I have to admit, as someone who’s fond of the three-run homer, LED light bulbs, and blue jeans, it makes me uncomfortable whenever I find myself agreeing with one George F. Will. But I was feeling his curmudgeonly vibe on one trend recently: the #BringBackOurGirls awareness-raising campaign for the kidnapped Nigerian schoolgirls held by Boko Haram.
Actually, my snark pre-dated his on Fox News Sunday this past weekend: I posted on my Facebook wall I doubted the merciless Islamic terrorist group “gave a [redacted]” about the hashtag on Tuesday.
It’s not that I agree with the assessment that Will offered on the Sunday show: that the hashtag is merely an “exercise in self-esteem.” My view was that many of the people participating in the campaign were doing so without much knowledge or concern about a now-decades long Islamic insurgency in a religiously fractured, depressingly complicated place cobbled together as a nation only by British imperialism. How many of those people would support airstrikes, or special forces raids – or worse – to bring the girls back?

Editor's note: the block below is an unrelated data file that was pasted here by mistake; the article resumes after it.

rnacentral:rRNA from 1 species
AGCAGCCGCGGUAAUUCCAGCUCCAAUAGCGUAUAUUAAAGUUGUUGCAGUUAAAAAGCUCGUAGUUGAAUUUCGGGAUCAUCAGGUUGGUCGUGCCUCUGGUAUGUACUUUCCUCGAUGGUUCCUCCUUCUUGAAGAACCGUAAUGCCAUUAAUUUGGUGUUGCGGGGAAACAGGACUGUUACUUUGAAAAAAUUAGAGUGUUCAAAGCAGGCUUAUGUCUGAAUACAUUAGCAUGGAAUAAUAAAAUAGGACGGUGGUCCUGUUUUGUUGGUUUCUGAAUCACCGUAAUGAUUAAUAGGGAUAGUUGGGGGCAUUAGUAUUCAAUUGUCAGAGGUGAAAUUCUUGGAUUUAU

Also, it’s just Twitter. At least spray-painting “U.S. out of X” back in the ’80s required getting a little paint on one’s index finger. What kind of commitment to a much broader cause — the rights of those with two X chromosomes an ocean away — is a tweet?
Well, our editorial advisor Colin Delany’s post on his epolitics blog has me reconsidering at least some of this opinion. He considers the #BringBackOurGirls campaign to be a “spiritual successor” to “Uncle Tom’s Cabin” for its awareness-raising power. That book, published more than two centuries into the horror of American slavery, didn’t invent Abolitionism. But it did capture anew the brutality of the institution in the aftermath of the passage of the Fugitive Slave Act of 1850. Or, in the parlance of our time, it was a great awareness-raising moment.